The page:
The 2008 deregulation of the Australian wheat export market did not induce a permanent change in wheat prices, according to a study published by agricultural economists at The University of Western Australia.
Mr Reece Curwen conducted the study as part of his Honours degree at UWA and was supervised by Dr Amin Mugera and Associate Professor Ben White from UWA’s School of Agricultural and Resource Economics and Institute of Agriculture.
Prior to the Wheat Marketing Act 2008 wheat exports were regulated under the single desk marketing arrangements. Under the new act, any merchant wanting to export wheat could apply for an export license. Consequently, competition between grain traders has increased.
Daily spot prices for the period of 20 May 2003 to 14 September 2010 were analysed, and no strong evidence to suggest that deregulation induced a permanent or structural change in Australia’s wheat price series was found.
The findings contradict expectations by some growers that deregulation may have led to permanent wheat price changes, such as high prices and increased price volatility.
Dr Mugera said the transition into a newly deregulated market coincided with unusual volatility in world wheat prices that were mainly affected by a pronounced commodity price cycle and the global financial crises.
“Analysis of prices during the sample period revealed two permanent price changes which we call structural breaks, but neither break coincided with the time when the Wheat Export Marketing Act 2008 came into effect,” Dr Mugera said.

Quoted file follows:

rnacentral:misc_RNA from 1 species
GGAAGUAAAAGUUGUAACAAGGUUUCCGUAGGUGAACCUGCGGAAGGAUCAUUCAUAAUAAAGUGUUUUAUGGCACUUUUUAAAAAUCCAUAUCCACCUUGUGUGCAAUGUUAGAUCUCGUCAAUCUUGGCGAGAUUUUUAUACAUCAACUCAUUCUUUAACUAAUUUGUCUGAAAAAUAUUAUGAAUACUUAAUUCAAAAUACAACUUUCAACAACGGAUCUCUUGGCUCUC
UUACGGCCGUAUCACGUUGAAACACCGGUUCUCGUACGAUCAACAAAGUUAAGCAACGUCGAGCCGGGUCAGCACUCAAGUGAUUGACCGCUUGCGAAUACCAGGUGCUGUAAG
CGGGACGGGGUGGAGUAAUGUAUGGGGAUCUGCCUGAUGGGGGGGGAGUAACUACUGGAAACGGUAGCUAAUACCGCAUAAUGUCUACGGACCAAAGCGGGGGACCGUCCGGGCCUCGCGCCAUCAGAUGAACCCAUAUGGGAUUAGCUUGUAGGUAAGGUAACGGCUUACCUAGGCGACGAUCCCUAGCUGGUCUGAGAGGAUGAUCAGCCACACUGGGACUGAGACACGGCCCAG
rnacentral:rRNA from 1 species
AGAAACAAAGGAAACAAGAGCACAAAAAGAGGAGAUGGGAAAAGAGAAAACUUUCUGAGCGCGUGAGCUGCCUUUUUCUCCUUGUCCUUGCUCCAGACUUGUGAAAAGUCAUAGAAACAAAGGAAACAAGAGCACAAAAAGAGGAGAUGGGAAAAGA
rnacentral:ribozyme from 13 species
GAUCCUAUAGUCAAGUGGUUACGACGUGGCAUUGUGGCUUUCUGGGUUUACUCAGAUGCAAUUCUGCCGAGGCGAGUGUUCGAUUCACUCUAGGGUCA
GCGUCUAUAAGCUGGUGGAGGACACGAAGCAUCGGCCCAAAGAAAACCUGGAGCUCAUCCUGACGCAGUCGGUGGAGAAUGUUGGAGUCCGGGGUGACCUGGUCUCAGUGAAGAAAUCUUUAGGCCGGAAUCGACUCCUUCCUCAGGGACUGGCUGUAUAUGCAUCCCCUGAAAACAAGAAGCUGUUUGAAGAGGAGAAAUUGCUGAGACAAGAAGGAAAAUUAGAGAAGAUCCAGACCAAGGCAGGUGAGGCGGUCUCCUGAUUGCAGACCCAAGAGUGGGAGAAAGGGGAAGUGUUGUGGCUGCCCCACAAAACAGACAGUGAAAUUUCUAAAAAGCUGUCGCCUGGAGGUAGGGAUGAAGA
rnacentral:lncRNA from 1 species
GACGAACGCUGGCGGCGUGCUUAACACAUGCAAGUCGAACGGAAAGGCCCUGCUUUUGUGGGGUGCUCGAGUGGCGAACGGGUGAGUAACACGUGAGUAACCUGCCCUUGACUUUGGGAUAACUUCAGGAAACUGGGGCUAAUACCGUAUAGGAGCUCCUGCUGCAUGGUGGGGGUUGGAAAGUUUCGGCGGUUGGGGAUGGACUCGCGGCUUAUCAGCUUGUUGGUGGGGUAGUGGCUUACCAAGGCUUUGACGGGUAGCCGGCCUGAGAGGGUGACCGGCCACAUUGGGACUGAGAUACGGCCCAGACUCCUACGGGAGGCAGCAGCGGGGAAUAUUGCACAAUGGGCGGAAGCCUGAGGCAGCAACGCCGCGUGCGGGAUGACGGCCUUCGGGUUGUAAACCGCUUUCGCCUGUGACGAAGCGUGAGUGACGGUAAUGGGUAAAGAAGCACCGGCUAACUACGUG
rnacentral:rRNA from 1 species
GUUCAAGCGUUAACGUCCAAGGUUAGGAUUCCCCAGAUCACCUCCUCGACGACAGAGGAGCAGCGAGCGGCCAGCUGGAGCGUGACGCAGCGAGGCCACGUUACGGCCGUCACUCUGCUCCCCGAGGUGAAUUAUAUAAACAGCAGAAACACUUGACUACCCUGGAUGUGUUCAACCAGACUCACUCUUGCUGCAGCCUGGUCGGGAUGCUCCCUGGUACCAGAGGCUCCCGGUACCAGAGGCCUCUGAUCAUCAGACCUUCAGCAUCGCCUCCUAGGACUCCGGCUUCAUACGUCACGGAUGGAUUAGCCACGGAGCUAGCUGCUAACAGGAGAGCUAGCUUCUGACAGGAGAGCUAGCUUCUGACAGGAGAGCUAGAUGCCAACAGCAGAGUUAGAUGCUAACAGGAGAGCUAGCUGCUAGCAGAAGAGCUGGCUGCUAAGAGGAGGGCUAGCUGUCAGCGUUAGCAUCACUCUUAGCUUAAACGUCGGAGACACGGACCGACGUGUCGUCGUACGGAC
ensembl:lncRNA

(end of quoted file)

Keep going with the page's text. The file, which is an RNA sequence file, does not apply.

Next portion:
“The implication of the results is that deregulation was not the main cause of high volatility in wheat prices during the period analysed, as this was mainly due to volatility in the global market.” The price of Australia’s wheat has remained very volatile and has been trending downwards after the study period, mainly because of global supply and demand.
The goal of deregulation should be to benefit Australian farmers and consumers, and enabling key stakeholders in the industry to respond to changing business environment by investing where there are opportunities for future growth and development.
The findings were published in the paperDeregulation on the Australian Wheat Export Market: What happened to wheat prices?in the Journal of International Food and Agribusiness Marketing.
Dr Amin Mugera (+61 8) 6488 3427
Diana Boykett (Communications Officer, The UWA Institute of Agriculture)
(+61 8) 6488 3756 / (+61 4) 04 152 262